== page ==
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From "Roy T. Fielding" <field...@gbiv.com>
Subject Re: Proposed Crypto Notification process
Date Sat, 01 Jul 2006 09:03:11 GMT
On Jun 30, 2006, at 11:47 PM, Justin Erenkrantz wrote:

> On 6/30/06, Roy T. Fielding <fielding@gbiv.com> wrote:
>> We do not distribute OpenSSL because it contains software that we
>> cannot distribute for reasons unrelated to export control.
> I think we will end up distributing OpenSSL with our binaries.  I know
> that the Win32 binaries will certainly be including the appropriate
> OpenSSL DLLs.  I think what OtherBill's plan was to remove the
> patent-encumbered code from our OpenSSL builds we do - at least on
> Win32.  I'd expect the same for other platforms as well - especially
> since OpenSSL is usually bundled as a static library not a dynamic
> library.  (Some platforms ship it as a DSO, but that's only relatively
> recently.)
> Therefore, as Cliff indicated to us, we'll likely have to notify for
> OpenSSL.  -- justin

If we remove the patent-encumbered code from OpenSSL, then it isn't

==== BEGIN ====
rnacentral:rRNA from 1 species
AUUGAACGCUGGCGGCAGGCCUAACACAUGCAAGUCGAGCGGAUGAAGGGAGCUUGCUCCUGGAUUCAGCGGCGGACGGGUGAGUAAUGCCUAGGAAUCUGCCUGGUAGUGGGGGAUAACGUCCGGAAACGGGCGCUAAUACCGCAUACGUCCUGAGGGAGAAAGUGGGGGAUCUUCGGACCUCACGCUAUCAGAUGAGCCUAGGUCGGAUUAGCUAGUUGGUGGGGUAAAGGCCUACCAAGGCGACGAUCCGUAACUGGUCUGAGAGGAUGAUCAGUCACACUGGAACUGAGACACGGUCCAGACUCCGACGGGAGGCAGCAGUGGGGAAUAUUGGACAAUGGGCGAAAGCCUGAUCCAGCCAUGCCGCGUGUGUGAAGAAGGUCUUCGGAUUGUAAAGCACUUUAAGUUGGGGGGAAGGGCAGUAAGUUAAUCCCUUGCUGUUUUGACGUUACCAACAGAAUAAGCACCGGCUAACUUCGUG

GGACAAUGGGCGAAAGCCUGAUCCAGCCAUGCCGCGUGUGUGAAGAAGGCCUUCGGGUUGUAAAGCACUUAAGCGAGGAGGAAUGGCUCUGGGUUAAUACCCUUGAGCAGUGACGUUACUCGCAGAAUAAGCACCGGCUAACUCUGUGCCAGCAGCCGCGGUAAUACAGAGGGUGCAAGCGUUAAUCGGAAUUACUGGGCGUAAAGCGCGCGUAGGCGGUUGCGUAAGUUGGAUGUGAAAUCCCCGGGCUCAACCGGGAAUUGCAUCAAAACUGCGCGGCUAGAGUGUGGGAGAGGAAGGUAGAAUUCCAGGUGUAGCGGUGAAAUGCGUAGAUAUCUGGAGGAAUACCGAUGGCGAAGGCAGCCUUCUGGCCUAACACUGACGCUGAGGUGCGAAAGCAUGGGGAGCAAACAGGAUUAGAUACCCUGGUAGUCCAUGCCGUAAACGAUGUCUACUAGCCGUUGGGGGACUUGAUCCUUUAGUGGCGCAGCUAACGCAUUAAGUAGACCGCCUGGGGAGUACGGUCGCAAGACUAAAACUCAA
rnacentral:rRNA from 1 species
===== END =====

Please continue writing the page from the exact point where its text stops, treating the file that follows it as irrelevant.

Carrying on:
OpenSSL and we cannot distribute it or anything built from it under
the TSU exception without distributing the source code exactly as built.
That means we have to distribute the modified OpenSSL library as  
else *not* called OpenSSL (because otherwise we are violating the  
license).  In any case, none of our users want a modified OpenSSL --  
can download the real thing on their own.  What we should be  
is a post-install DLL relinking tool so that they can link our windows
binary with whatever they install for SSL, but I have no idea how.

We have to understand that these regulations were not written for
software developers.  They were written for people inspecting crates
for things that blow people up.  The notice is for *our* product and
we are only allowed to export *our* product if the entire product is
available in source form at a single location where a customs inspector
can choose to examine its totality for tiny little terrorists hidden
between the 1s and 0s.  As dumb as it sounds, those are the rules.
The number of different identifiable products existing within a
single package is completely irrelevant to BIS -- we have to file a
notice for each type of package, not each thing within the package.


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